The Iron Lady (2011)

(Last Updated On: November 22, 2020)

Title:  The Iron Lady

Year: 2011

Genre: Biography | Drama |

Runtime: 105 min

Director: Phyllida Lloyd

Starring:   Meryl Streep, Jim Broadbent, Richard E. Grant

6,4/10

An elderly Margaret Thatcher talks to the imagined presence of her recently deceased husband as she struggles to come to terms with his death while scenes from her past life, from girlhood to British prime minister, intervene.

STRONG PERFORMANCE DOESN’T

SAVE WEAK DIRECTING AND WRITING

Blending past lives with an elderly one in dementia and hallucinating about her late husband, The Iron Lady strength is certainly in the performances and not the story. It follows Margaret Thatcher, the prime minister for Great Britain, who with her conservative vision brought different ideology of politics and rhetoric in the country.

The story is mellow and fairly confusing as it dips deep between three different timelines that don’t really point out when is when. Even if some scenes are strong and suitable for the character,  hallucinating her husband feels off-putting in a film about her politics. It spends times to explore her dementia and loneliness for a great part of the movie. The films show some part of her political career but don’t take a deep look on it to make it a great effort.  Then there are some scenes where we follow her at the beginning of her political career of a young thatcher, played by Alexandra Roach.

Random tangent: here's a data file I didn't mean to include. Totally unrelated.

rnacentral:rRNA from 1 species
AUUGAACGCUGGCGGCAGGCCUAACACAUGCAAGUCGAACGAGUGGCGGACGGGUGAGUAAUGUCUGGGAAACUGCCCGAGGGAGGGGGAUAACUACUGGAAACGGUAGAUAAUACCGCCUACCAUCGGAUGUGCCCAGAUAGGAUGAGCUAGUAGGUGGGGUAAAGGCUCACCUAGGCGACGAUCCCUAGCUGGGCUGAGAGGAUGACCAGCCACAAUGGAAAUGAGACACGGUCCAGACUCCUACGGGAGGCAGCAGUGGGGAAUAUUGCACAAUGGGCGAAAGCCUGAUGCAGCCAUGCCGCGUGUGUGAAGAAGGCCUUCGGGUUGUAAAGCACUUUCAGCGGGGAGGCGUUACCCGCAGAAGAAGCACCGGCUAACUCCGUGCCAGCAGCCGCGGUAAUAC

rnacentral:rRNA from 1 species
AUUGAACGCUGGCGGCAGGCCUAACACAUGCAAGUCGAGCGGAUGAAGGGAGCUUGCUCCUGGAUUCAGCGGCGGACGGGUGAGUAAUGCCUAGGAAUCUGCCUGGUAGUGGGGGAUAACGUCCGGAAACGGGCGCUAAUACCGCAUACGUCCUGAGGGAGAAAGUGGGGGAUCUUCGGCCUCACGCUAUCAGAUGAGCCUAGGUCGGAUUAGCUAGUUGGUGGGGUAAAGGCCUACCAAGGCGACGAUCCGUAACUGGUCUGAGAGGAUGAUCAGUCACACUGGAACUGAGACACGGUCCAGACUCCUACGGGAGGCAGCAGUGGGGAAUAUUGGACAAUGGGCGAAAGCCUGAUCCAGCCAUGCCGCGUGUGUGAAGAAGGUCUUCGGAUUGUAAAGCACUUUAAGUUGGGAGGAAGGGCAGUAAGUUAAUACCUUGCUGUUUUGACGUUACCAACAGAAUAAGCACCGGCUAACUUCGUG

Jim Broadbent, playing her hallucinated deceased husband Denis Thatcher, makes a decent performance but Meryl Streep makes one of her best performances. She shines most during her scenes when she acts as prime minister.  Unfortunately, it’s just some part of the movie and doesn’t really make an appealing effort to elevate the film. And there are some archive photos of crowds and protesting, consequences of her actions just as there are some photos of IRA.

The story reminds with The Crown’s interpretation of the feminist prime minister in the series fourth’ season, played by Gillian Anderson. The make-up work on Meryl Streep is far better and has a stronger impact on Streep than what Gillian had during season four. There’s isn’t any strong narrative or red threads in the film and screenwriter Abi Morgan has struggled how to complete a story in an engaging way.  The directing is far from impressive as the plot gives some throwbacks to a past life in the most non-engaging way. If it would of a famous actress such as Meryl Streep or Jim Broadbent, the film wouldn’t have the attention it got. Strong performances but weak writing and directing destroy the potential of the film.

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